In Scrum there is no designated leader in a management-hierarchical sense within the team. That means, there is no single person telling you to do Task X and to do it in Time Y. These things are decided upon by the team as a group. This way every developer is responsible, himself for his work. He estimated the time it will take, himself, he is responsible for completion, himself. Of course that also means that he takes the blame, himself if things go wrong.
In tradition models that would not be the case. There would be a team, with a designated leader who is responsible for every aspect of decision making. He would tell developers to do tasks, and he would tell them how to do it and within what time. However he would also be the one who takes the blame for everyone on the team.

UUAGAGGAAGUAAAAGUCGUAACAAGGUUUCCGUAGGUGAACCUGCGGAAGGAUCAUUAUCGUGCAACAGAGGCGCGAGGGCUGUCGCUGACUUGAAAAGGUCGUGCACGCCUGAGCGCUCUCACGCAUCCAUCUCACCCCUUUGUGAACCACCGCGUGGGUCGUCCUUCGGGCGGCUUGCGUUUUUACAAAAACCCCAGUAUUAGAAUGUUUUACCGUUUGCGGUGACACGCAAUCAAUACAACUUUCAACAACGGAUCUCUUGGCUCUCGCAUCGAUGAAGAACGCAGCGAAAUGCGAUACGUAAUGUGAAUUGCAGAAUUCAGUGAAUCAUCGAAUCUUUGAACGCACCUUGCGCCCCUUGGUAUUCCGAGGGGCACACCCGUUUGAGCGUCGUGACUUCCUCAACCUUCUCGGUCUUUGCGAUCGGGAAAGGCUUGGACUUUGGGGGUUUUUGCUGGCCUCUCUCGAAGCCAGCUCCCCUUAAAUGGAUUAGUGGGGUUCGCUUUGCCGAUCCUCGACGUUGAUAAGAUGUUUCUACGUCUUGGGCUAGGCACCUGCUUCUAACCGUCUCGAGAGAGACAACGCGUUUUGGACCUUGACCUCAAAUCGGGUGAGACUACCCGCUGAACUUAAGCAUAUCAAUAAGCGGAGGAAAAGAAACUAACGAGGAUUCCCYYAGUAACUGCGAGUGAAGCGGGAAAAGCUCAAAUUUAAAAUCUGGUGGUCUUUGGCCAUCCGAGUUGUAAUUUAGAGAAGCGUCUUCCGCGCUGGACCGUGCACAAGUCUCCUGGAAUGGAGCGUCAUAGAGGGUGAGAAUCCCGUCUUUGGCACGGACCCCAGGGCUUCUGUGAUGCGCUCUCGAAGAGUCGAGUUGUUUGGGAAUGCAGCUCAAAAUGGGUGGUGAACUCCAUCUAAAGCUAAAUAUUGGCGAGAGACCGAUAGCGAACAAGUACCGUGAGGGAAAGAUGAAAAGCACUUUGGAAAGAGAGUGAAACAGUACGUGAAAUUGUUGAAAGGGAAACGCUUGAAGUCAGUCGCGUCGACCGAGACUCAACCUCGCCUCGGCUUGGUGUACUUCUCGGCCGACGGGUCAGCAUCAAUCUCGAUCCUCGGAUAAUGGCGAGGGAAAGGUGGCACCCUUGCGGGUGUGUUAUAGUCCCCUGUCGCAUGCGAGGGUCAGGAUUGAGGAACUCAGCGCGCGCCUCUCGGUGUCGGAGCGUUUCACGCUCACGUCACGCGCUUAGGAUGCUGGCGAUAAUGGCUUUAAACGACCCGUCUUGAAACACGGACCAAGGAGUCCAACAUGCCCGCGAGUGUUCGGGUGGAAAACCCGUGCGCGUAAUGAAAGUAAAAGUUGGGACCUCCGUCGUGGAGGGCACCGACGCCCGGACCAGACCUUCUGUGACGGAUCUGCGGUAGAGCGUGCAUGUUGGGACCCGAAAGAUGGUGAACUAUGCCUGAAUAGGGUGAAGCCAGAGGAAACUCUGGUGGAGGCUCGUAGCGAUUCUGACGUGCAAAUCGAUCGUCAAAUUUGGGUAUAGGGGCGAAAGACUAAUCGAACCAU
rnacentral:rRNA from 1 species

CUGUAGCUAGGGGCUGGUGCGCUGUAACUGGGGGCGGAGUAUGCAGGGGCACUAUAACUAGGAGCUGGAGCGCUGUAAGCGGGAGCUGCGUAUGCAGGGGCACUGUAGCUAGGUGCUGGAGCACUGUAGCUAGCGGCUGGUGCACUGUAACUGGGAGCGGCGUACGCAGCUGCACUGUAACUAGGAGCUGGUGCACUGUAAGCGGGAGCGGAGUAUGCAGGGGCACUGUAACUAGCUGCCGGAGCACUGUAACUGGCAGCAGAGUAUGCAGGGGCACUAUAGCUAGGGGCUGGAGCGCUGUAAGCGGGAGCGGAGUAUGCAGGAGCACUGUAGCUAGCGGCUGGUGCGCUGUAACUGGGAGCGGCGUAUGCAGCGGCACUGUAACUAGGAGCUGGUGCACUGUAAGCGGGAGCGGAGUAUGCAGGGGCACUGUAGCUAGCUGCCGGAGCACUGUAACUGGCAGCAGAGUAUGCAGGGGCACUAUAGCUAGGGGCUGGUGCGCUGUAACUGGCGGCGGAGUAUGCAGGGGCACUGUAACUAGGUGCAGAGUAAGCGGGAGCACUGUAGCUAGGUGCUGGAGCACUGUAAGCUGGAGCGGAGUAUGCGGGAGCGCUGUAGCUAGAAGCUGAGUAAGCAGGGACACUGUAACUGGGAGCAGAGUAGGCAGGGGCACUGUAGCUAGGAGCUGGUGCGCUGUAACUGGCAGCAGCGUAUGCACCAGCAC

This does not mean, however that teams can't have leaders in Scrum. You still need somebody with merging privileges and who has an overview of the whole project. Basically somebody who has the last say about architectural changes that could possibly affect the big picture and so on. That guy usually is the team lead. Very often, officially so.
In fact I've never worked in a Scrum environment where there was no official Team Lead. Looking at it from a pragmatic point of view, I'd actually have some issues with working in such an environment: My Team Lead is the guy who merges, he's the go-to guy for architectural problems. If there is to be an API change, we discuss things and he makes the decision.
- Without a team lead, what if there's two guys not agreeing. Who is right?
If there are meetings concerning future developments or pretty much anything, he's the one who goes, keeping my back free to do my actual work. If decisions that were made in such a meeting seem strange, or not good, there's still Daily/Retro/Task Planning where you can raise your concerns.
- If there is no Team Lead, then who is going?